Mrs. Henderson Presents is notable for accomplishing a feat rarely seen on screen in the last 15 years. It showcases Judi Dench in a role where she doesn't constantly look like a constipated woman sucking a lemon. Oh sure, she still gets that trademarked snippy, frowning, squeezing-the-cheeks expression a few times, but she also manages to have fun and even giggles at one point. I went through rather the same interplay of emotions while watching this movie on DVD. There were times when the energy and ebullience of the lighthearted music hall numbers had me happily tapping my toes and going along with the filmmakers. Then they would throw in a piece of heavy-handed dramatic conflict or have a character launch into a "significant" monologue and the fantasy world would come crashing back down into a harsh realization of people reading lines from a script.
The story is one of those "inspired by true events" things, reinforced by the final disclaimer in the credits that characters and events were heavily fictionalized and should not be taken to represent true historical people or situations.
Mrs. Henderson finds herself suddenly widowed at the start of the film and starts wondering what a moneyed, privileged dowager is supposed to do to amuse herself in 1937. In short order, she finds herself buying an old theater, hiring Bob Hoskins to be the artistic manager and creator of a new musical revue, and opening the doors to a waiting public.
One thing leads to another and suddenly Mrs. Henderson announces that she wants to present her revue with naked women on stage (emulating the Moulin Rouge shows in Paris). The rest of the drama stems from the tensions involved in trying such a daring theatrical idea in stodgy old England. Then there is the small matter of events that take us into the early years of WWII, when London was a rather tenuous place to live, much less attempt to put on a glorified girlie show.
Hoskins and Dench perform a running Battling Bickersons routine through the film, where they argue while secretly respecting and liking each other. The script manages to mix in the saucy female friend of the leading lady (a role perfected by Helen Broderick in films of the 30s such as Swing Time and Top Hat), wartime romance, family secrets, WWII newsreels, death, patriotism, and a lot of really nice period music. Oh yes, and Christopher Guest is along for the ride in a top hat and an on-again-off-again British accent.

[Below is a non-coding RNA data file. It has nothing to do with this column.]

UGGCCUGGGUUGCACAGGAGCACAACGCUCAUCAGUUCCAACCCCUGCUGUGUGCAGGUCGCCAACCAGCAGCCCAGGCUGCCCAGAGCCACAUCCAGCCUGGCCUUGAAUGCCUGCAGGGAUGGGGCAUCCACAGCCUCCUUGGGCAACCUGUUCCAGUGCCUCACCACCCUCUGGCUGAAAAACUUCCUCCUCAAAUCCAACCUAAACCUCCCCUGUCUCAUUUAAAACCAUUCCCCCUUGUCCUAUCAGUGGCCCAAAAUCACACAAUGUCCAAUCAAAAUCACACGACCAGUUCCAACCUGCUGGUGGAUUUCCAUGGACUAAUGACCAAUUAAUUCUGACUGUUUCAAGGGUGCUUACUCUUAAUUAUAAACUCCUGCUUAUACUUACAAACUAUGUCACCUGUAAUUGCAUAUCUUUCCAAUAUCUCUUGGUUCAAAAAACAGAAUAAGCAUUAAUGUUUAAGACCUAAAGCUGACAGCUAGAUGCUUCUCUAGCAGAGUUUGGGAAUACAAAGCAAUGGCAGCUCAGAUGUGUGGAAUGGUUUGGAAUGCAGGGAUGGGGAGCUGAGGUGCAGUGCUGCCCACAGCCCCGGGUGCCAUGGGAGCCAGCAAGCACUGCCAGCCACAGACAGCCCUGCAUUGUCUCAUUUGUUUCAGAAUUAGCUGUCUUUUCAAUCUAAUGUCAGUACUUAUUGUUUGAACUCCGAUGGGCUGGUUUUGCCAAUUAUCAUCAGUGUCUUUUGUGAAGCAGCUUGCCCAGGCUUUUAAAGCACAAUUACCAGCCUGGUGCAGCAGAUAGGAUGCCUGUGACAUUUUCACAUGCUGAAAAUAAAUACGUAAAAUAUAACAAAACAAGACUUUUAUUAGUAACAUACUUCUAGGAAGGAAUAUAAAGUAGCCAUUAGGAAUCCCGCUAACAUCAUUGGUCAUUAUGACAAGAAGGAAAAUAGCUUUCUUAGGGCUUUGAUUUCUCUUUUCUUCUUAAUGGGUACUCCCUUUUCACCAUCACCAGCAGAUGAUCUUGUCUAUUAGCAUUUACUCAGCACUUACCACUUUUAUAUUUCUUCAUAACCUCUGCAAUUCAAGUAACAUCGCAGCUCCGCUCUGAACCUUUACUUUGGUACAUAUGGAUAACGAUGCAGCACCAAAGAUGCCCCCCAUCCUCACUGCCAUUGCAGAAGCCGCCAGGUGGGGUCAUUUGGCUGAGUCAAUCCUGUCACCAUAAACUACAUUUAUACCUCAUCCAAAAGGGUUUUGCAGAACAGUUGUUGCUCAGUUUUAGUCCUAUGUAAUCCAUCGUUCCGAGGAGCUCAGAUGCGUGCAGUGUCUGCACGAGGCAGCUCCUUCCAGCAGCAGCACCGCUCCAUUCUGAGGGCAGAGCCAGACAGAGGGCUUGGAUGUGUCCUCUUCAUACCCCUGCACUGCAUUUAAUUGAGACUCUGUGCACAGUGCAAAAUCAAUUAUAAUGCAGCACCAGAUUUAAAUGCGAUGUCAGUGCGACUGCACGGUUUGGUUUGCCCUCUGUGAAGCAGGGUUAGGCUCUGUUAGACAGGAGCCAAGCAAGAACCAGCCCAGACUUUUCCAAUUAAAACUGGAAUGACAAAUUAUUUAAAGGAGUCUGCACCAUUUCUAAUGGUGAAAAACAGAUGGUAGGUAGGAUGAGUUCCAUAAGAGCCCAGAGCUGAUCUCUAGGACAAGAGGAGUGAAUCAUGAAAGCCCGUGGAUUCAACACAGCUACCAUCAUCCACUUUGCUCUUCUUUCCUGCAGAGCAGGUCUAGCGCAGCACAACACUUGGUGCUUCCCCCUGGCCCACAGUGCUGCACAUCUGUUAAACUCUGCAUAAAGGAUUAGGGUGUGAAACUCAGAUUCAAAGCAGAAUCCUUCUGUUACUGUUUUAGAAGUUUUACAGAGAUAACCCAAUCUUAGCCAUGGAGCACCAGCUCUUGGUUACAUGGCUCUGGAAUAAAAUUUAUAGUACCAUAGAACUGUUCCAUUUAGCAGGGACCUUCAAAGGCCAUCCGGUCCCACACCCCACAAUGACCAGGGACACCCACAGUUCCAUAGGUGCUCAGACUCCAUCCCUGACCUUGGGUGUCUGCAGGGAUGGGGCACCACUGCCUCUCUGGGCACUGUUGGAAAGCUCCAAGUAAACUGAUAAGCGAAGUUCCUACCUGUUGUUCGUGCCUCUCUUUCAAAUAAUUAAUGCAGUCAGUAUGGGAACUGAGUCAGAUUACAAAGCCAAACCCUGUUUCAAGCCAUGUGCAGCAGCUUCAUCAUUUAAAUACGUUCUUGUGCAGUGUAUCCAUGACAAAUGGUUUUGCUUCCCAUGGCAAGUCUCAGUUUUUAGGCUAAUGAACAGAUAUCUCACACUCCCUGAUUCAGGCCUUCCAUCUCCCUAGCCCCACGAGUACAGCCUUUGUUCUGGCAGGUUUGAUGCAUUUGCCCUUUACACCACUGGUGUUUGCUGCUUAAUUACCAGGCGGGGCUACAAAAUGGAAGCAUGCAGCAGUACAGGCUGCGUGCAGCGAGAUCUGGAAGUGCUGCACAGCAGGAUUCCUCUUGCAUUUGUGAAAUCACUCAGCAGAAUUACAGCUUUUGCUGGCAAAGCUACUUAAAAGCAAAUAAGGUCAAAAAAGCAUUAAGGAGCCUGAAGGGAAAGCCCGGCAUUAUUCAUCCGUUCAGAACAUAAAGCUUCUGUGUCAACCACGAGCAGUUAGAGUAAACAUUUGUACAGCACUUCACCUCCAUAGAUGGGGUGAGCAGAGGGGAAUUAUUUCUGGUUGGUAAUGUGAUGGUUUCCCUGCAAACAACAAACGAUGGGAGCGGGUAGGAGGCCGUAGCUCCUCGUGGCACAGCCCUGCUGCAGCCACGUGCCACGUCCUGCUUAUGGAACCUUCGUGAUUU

The soundtrack and the on-screen musical numbers are the most enjoyable things about the movie. Well, at least for me, but I'm a complete sap for the music of the war years and just before, so they had a willing audience here. There are a few cute and witty gag lines delivered with appropriate verve and eye-twinkling. The historical period sense felt right and there are some gorgeous period automobiles on display.
On the negative side we have one spit take, one cliché moment where an audience sits in silence until one person claps, followed by two more, then more, until a thunderous swell emerges; some really cheesy matte painting scenes; a contrived and extraneous plot concentration on a minor character that pulls focus from the main story; and some real clunkers of (as one reviewer nicely put it) "for your consideration" speeches by the leads.
There are plenty of female breasts on display, but it is all done in an "artistic" and non-sexual context. Prurient interests will be better served elsewhere. Ladies, you get one brief consolation shot of male full-frontal for balance.
I don't think this film will stick with me. It boils down to another in the long line of studio movies (it's a BBC Films production) that is neither notably good nor maddeningly bad. Just something to pass a little time, make a short theatrical run, pick up some more money on the home video market, and quietly disappear into the IMDB archives.
Parents: The main cautions are obvious from the nudity advisories above. There are also a few swear words (mainly slang terms for female anatomical features, but the F-bomb does make an appearance). No drugs, sex, or violence, although people are shown to have died in the German bombings of London.
Spoiler Alert! The following gives away a revealed plot point in the movie. Do not read if you wish to preserve the surprise factor.
Was anybody else uncomfortable with the sincerity evinced in Mrs. Henderson's big teary speech about her son and her reasons for opening the theater and showing nude women? When she came up with the idea for buying the theater, Britain was still steadfastly maintaining a non-involvement policy in German affairs. When she started showing nude women, there were no hordes of servicemen needing to catch a glimpse of breasts before going off to potentially die. It was a society show at first, until the war came along. Either Mrs. Henderson was remarkably prescient and a brilliant long-range planner or she was spinning a revisionist history on the spot in the street in order to callously take advantage of wartime sentiment and patriotism. Not very nice.Powered by Sidelines